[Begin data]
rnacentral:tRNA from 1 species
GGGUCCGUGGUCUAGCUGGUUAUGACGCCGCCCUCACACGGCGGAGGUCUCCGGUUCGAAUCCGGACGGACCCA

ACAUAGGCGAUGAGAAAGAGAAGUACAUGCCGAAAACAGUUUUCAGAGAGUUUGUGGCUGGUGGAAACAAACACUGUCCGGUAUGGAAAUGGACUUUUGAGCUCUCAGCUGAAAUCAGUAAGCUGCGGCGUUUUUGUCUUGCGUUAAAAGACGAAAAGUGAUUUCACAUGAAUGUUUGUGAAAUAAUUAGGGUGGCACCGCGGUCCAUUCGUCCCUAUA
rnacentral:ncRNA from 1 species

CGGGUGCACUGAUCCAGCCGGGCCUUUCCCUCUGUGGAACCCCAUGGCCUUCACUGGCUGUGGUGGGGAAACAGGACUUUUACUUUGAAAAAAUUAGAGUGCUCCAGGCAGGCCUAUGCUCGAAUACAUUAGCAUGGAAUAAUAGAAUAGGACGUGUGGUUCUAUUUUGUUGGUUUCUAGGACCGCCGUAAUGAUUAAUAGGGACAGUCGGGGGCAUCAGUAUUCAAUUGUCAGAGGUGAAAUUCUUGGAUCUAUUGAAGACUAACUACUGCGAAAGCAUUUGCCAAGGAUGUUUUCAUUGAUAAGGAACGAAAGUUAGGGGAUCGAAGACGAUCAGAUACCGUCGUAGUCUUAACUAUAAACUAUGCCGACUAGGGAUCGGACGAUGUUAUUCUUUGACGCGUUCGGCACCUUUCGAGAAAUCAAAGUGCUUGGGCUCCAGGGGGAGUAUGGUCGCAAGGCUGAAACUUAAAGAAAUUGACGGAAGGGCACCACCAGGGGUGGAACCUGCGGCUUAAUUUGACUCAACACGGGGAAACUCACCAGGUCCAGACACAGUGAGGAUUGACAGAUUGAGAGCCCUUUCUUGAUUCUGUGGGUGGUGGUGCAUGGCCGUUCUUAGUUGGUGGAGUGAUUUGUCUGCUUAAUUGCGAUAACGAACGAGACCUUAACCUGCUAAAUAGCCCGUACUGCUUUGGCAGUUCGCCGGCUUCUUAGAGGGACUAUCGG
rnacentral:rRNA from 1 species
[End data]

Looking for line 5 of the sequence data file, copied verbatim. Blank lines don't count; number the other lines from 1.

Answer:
CGGGUGCACUGAUCCAGCCGGGCCUUUCCCUCUGUGGAACCCCAUGGCCUUCACUGGCUGUGGUGGGGAAACAGGACUUUUACUUUGAAAAAAUUAGAGUGCUCCAGGCAGGCCUAUGCUCGAAUACAUUAGCAUGGAAUAAUAGAAUAGGACGUGUGGUUCUAUUUUGUUGGUUUCUAGGACCGCCGUAAUGAUUAAUAGGGACAGUCGGGGGCAUCAGUAUUCAAUUGUCAGAGGUGAAAUUCUUGGAUCUAUUGAAGACUAACUACUGCGAAAGCAUUUGCCAAGGAUGUUUUCAUUGAUAAGGAACGAAAGUUAGGGGAUCGAAGACGAUCAGAUACCGUCGUAGUCUUAACUAUAAACUAUGCCGACUAGGGAUCGGACGAUGUUAUUCUUUGACGCGUUCGGCACCUUUCGAGAAAUCAAAGUGCUUGGGCUCCAGGGGGAGUAUGGUCGCAAGGCUGAAACUUAAAGAAAUUGACGGAAGGGCACCACCAGGGGUGGAACCUGCGGCUUAAUUUGACUCAACACGGGGAAACUCACCAGGUCCAGACACAGUGAGGAUUGACAGAUUGAGAGCCCUUUCUUGAUUCUGUGGGUGGUGGUGCAUGGCCGUUCUUAGUUGGUGGAGUGAUUUGUCUGCUUAAUUGCGAUAACGAACGAGACCUUAACCUGCUAAAUAGCCCGUACUGCUUUGGCAGUUCGCCGGCUUCUUAGAGGGACUAUCGG